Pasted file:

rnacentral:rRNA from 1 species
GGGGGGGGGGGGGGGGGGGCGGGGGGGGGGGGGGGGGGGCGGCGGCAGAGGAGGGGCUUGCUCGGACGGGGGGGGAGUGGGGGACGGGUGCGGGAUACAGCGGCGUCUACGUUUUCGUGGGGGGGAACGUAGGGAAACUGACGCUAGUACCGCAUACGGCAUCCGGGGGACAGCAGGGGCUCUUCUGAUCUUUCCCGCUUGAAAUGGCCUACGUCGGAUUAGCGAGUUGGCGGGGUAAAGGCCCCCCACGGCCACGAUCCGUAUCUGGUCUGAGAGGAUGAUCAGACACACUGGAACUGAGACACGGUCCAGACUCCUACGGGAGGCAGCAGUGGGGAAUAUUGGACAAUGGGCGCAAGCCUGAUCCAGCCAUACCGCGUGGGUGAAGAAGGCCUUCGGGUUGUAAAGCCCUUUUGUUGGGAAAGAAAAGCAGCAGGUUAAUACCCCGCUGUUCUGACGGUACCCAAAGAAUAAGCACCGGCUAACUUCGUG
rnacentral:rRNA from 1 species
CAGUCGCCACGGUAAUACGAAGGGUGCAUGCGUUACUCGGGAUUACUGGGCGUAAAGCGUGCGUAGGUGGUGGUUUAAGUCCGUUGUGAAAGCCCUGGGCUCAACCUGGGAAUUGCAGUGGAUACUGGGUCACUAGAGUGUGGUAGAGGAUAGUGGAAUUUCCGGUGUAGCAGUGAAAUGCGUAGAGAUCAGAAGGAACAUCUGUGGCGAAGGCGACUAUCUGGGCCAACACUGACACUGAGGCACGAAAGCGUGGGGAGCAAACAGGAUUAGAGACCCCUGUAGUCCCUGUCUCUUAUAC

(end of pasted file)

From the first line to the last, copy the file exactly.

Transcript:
rnacentral:rRNA from 1 species
GGGGGGGGGGGGGGGGGGGCGGGGGGGGGGGGGGGGGGGCGGCGGCAGAGGAGGGGCUUGCUCGGACGGGGGGGGAGUGGGGGACGGGUGCGGGAUACAGCGGCGUCUACGUUUUCGUGGGGGGGAACGUAGGGAAACUGACGCUAGUACCGCAUACGGCAUCCGGGGGACAGCAGGGGCUCUUCUGAUCUUUCCCGCUUGAAAUGGCCUACGUCGGAUUAGCGAGUUGGCGGGGUAAAGGCCCCCCACGGCCACGAUCCGUAUCUGGUCUGAGAGGAUGAUCAGACACACUGGAACUGAGACACGGUCCAGACUCCUACGGGAGGCAGCAGUGGGGAAUAUUGGACAAUGGGCGCAAGCCUGAUCCAGCCAUACCGCGUGGGUGAAGAAGGCCUUCGGGUUGUAAAGCCCUUUUGUUGGGAAAGAAAAGCAGCAGGUUAAUACCCCGCUGUUCUGACGGUACCCAAAGAAUAAGCACCGGCUAACUUCGUG
rnacentral:rRNA from 1 species
CAGUCGCCACGGUAAUACGAAGGGUGCAUGCGUUACUCGGGAUUACUGGGCGUAAAGCGUGCGUAGGUGGUGGUUUAAGUCCGUUGUGAAAGCCCUGGGCUCAACCUGGGAAUUGCAGUGGAUACUGGGUCACUAGAGUGUGGUAGAGGAUAGUGGAAUUUCCGGUGUAGCAGUGAAAUGCGUAGAGAUCAGAAGGAACAUCUGUGGCGAAGGCGACUAUCUGGGCCAACACUGACACUGAGGCACGAAAGCGUGGGGAGCAAACAGGAUUAGAGACCCCUGUAGUCCCUGUCUCUUAUAC